top of page

The Kingdom and the Brigand

39 One of the criminals who were hanged there was hurling abuse at Him, saying, “Are You not the Christ? Save Yourself and us!” 40 But the other answered, and rebuking him said, “Do you not even fear God, since you are under the same sentence of condemnation? 41 And we indeed are suffering justly, for we are receiving what we deserve for our deeds; but this man has done nothing wrong.” 42 And he was saying, “Jesus, remember me when You come in Your kingdom!” Luke 23:39-42 I have always wondered what was going through this second man’s head as he asks Jesus to “remember me when you enter into your kingdom.” When I used to believe that the kingdom Jesus proclaimed was a spiritual kingdom and not a physical kingdom, it seemed a little easier to interpret. This man believed that Jesus was going to his heavenly kingdom and wished that Jesus would remember Him when He got there. (As an aside, that would be some remarkable pose for someone who believed that they were mere moments away from Hell. It leads one to ask, is that where he thought he was headed?). But even with this, to my reckoning, incorrect understanding of the nature of the Kingdom of God, there is still the question of how this crucified brigand seemed to have comprehended what Jesus was doing on the cross when none of Jesus’ closest followers did? How did this one man become so spiritually discerning? But Jesus’ kingdom is not, after all, where Jesus was going. The Kingdom of God is what Jesus was bringing, doing, and accomplishing, even in the middle of this tortured conversation, on earth as it is in heaven. Jesus was establishing God’s rule and reign and God’s way of doing power on earth as it is in heaven. But that brings up a more difficult question: Did this other crucified victim perceive Jesus’ resurrection in three days? Was he speaking in faith that he both understood the words of Jesus (which he likely never heard) and also comprehended it’s meaning (which none of the disciples did) that Jesus was going to die and rise again three days later and thus establish the Kingdom of God? That would be a miracle of comprehension and insight indeed! But no, I don’t think that is what this crucified Brigand is saying. We are so used to thinking of Jesus as God that we easily forget that the first century Jews were not anticipating the Messiah to be divine Himself. The Messiah was the one who was going to establish God’s kingdom, not his own. The Messiah may sit on a throne, but it would be God’s throne and He would be ruling in God’s name. It would not be his own kingdom. Therefore, it was plausible that a Messianic candidate could work for the establishment of God’s kingdom and fail to see it’s fulfillment, and yet still be a part of what God would ultimately do in the future. Judas Maccabeus and His family were thought to have Messianic qualities for a while, but when they turned out to be like all the other world rulers, that sentiment died away. Nevertheless, I don’t think any first century Jew would think that Judas and his brothers themselves did not serve their country and their God well through their efforts. They would certainly be part of the “righteous” who would be raised from the dead on the last day. In the same way, I think that this crucified Brigand is confessing to Jesus that he believes that Jesus’ way of doing the kingdom was much more in line with God’s own vision than the route he and his unfortunate partner took. “We are being treated justly, for our punishment fits our crime. But this man has done nothing wrong.” Finally, this man confesses to Jesus that he believes Jesus will be vindicated in the end. Like the great martyrs and the men and women of faith, Jesus would be part of the righteous who will be resurrected on the last day and enjoy the fulfillment of the coming Kingdom of God. In other words “You will get your kingdom someday. And when you do, remember me.” Amazingly, Jesus assures him that, with that confession, he is already in. “Today you will be with me in paradise.” “Paradise” and the Kingdom of God are not the same thing. What Jesus seems to be referring to here is the temporary but beautiful holding place where the righteous wait for the day of final resurrection. We also call this “heaven”. It is God’s space within God’s creation that will one day be joined to earth forever when all things are made new. This man would be in a place of peace and rest until that day comes, and He would be with Jesus and all the holy ones who are waiting for that day. All this because of a simple, humble, confession. It is amazing that with all the injustice that He Himself suffered, Jesus is willing to forgive our disobedience immediately upon confession and repentance. With one labored breath, this crucified brigand went from being a rejected kingdom of God revolutionary to being an accepted member of Jesus’ own kingdom of God revolution which would indeed be vindicated in three days.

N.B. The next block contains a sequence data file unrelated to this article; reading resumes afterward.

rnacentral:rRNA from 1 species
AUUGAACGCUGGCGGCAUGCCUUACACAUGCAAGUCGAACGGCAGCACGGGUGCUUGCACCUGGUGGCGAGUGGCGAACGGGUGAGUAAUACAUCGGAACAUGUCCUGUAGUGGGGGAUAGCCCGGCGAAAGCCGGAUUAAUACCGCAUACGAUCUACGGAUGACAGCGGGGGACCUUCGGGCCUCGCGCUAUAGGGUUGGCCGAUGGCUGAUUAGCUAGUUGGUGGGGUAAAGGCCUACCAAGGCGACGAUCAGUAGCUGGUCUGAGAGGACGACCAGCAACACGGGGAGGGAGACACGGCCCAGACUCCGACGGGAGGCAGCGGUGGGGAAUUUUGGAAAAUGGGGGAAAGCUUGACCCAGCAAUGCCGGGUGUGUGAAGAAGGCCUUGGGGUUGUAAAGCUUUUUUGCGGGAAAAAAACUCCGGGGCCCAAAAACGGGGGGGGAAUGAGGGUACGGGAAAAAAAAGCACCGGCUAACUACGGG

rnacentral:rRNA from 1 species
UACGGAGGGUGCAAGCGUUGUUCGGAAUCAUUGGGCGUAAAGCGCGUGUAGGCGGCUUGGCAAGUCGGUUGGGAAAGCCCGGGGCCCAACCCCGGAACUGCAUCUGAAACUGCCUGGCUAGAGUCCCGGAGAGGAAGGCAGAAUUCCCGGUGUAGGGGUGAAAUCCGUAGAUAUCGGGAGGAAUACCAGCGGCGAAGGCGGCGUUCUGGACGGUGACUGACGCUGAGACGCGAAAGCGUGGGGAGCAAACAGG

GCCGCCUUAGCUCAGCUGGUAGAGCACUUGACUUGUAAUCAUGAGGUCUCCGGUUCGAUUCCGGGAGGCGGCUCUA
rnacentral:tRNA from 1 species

The Kingdom and the Brigand

When we confess that Jesus is Lord, we can be assured of peace in the after-life, and we can have the solid hope of resurrection in the future. What God did for Jesus in the resurrection, He will do for all of those who put their faith in Jesus’ and His way of doing the Kingdom of God. But the promise is not ONLY future. Through the gift of the Holy Spirit, God brings His future into our present when we put our trust in Him. Do you want to experience a new, resurrected life? Put your faith in Jesus and in His way of doing the Kingdom of God and the Holy Spirit will be given to you as a down-payment and a promise of the future that awaits you and the rest of God’s beautiful and good Cosmos. This is good news for you, and for plant earth.

14 views0 comments

Recent Posts

See All


bottom of page